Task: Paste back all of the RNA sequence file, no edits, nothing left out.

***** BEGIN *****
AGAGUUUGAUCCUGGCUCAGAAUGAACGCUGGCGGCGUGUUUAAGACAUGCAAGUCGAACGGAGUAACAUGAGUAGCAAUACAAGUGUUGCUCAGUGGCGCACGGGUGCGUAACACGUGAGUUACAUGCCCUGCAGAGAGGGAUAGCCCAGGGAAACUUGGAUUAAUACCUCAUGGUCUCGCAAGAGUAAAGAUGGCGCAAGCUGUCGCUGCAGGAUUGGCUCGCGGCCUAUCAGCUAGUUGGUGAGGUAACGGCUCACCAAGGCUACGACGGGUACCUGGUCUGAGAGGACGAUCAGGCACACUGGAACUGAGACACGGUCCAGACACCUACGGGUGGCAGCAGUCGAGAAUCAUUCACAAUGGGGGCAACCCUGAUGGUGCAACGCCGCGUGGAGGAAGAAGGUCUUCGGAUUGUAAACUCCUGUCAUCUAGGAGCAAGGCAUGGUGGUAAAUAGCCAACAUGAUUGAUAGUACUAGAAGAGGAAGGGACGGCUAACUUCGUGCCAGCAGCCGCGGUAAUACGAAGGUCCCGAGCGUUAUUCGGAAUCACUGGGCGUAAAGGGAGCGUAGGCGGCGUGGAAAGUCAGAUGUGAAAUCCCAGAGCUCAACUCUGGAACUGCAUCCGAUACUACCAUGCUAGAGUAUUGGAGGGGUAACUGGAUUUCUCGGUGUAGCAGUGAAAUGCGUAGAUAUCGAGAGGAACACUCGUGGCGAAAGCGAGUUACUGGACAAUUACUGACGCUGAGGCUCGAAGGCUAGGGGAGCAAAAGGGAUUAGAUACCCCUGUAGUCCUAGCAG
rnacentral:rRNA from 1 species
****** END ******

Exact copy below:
AGAGUUUGAUCCUGGCUCAGAAUGAACGCUGGCGGCGUGUUUAAGACAUGCAAGUCGAACGGAGUAACAUGAGUAGCAAUACAAGUGUUGCUCAGUGGCGCACGGGUGCGUAACACGUGAGUUACAUGCCCUGCAGAGAGGGAUAGCCCAGGGAAACUUGGAUUAAUACCUCAUGGUCUCGCAAGAGUAAAGAUGGCGCAAGCUGUCGCUGCAGGAUUGGCUCGCGGCCUAUCAGCUAGUUGGUGAGGUAACGGCUCACCAAGGCUACGACGGGUACCUGGUCUGAGAGGACGAUCAGGCACACUGGAACUGAGACACGGUCCAGACACCUACGGGUGGCAGCAGUCGAGAAUCAUUCACAAUGGGGGCAACCCUGAUGGUGCAACGCCGCGUGGAGGAAGAAGGUCUUCGGAUUGUAAACUCCUGUCAUCUAGGAGCAAGGCAUGGUGGUAAAUAGCCAACAUGAUUGAUAGUACUAGAAGAGGAAGGGACGGCUAACUUCGUGCCAGCAGCCGCGGUAAUACGAAGGUCCCGAGCGUUAUUCGGAAUCACUGGGCGUAAAGGGAGCGUAGGCGGCGUGGAAAGUCAGAUGUGAAAUCCCAGAGCUCAACUCUGGAACUGCAUCCGAUACUACCAUGCUAGAGUAUUGGAGGGGUAACUGGAUUUCUCGGUGUAGCAGUGAAAUGCGUAGAUAUCGAGAGGAACACUCGUGGCGAAAGCGAGUUACUGGACAAUUACUGACGCUGAGGCUCGAAGGCUAGGGGAGCAAAAGGGAUUAGAUACCCCUGUAGUCCUAGCAG
rnacentral:rRNA from 1 species